To reduce the carbon dioxide (CO2) emissions, the powertrain of the vehicle will be electrified. Furthermore, the electrification of utility vehicles, like long-distance vehicles, will play in future a significant role in achieving the world’s CO2 targets. In this context, the battery plays a key role in the electrification of the powertrain. Lithium-ion batteries are the first choice today, because they combine good performance in terms of price, safety and power capability but are limited in their specific energy density, which is a drawback for the utility transport. Therefore, a promising next generation of the lithium-ion technology is the lithium-sulfur battery (Li-S). This battery technology meets the demanding requirements of the electrification of the utility transport in terms of high theoretical energy density (2600 Wh/kg), capacity (1675 Ah/kg), and the reduction of battery costs by using the abundant sulfur as active material.
To use this battery technology in the automotive sector, a better understanding and description of the complex reaction mechanism within the conversion process is necessary. Therefore, a battery system with similar reaction processes has been identified. The internal reaction mechanism that takes place in the lead-acid battery (LAB) belongs to the conversion process, like the Li-S battery. In the conversion process, the materials react during oxidation and form completely new products. In the characterization of the internal processes, the internal reactions of the two battery technologies are subdivided in the three areas: electrochemical, chemical, and physical. The known reactions from the LAB are transferred to the Li-S batteries because the basic principle of the conversion process is the same. Nevertheless, a comparison of the three reaction mechanisms shows that these are differently pronounced in the two technologies. The transfer of the process properties shows that the conversion of elemental sulfur into lithium sulfide is only carried out via intermediate stages (polysulfide chains) and is not converted in one step as in the LAB. In the Li-S battery, the electrolyte system is also not part of the reaction, whereas this is the case within the LAB. Based on the comparison of the two battery technologies and the known electrical equivalent circuit (EEC) by M. Thele for the LAB, it is possible to derive an EEC for the Li-S battery. EEC consists of three RC-elements. The assumptions are verified by an electrochemical impedance spectroscopy on a prototype pouch cell at different state of charges and temperatures. Through the measurement, the three transferred process steps of the LAB can be verified by three depressed semicircles for the Li-S battery. The individual concentrated elements of the electrical equivalent circuit are parameterized and discussed in relation to the reactions within the Li-S cell.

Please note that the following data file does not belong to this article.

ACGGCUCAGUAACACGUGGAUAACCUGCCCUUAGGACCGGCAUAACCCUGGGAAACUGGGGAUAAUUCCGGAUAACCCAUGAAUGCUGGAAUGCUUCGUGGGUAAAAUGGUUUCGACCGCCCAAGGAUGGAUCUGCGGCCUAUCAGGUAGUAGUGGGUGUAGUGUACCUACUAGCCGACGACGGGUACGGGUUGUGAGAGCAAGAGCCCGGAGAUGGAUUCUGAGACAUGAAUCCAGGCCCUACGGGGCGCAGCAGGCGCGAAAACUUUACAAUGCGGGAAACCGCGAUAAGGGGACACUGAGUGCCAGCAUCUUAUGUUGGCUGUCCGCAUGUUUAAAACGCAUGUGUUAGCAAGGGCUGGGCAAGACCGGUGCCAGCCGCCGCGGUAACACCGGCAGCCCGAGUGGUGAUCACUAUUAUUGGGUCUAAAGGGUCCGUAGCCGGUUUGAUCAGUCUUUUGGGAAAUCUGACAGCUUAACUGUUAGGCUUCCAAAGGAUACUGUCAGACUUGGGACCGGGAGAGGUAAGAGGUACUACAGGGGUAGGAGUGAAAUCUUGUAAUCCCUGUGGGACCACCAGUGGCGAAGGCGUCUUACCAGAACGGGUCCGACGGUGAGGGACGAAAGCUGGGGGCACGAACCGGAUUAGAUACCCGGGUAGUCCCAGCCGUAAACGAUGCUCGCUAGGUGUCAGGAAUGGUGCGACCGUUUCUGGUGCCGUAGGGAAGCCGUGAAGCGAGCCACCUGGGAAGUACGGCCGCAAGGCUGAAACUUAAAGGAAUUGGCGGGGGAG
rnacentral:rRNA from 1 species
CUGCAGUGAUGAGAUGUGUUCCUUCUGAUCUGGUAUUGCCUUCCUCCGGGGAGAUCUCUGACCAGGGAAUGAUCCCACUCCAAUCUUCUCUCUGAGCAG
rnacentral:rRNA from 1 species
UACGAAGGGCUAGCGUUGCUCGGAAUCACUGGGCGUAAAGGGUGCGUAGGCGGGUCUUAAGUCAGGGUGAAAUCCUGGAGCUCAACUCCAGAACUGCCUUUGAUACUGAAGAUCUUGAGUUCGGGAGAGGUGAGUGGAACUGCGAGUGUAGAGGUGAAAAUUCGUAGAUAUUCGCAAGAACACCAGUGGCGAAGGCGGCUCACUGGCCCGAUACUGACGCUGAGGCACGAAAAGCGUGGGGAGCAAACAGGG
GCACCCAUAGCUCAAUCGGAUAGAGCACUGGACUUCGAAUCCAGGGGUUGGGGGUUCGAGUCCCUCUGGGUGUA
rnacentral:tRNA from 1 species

Finally, a transfer between the reaction processes within the LAB to the Li-S battery could be shown. The knowledge of the transfer of the reaction processes allows a faster verification of the suitability of applications, such as long-distance vehicles concerning Li-S batteries.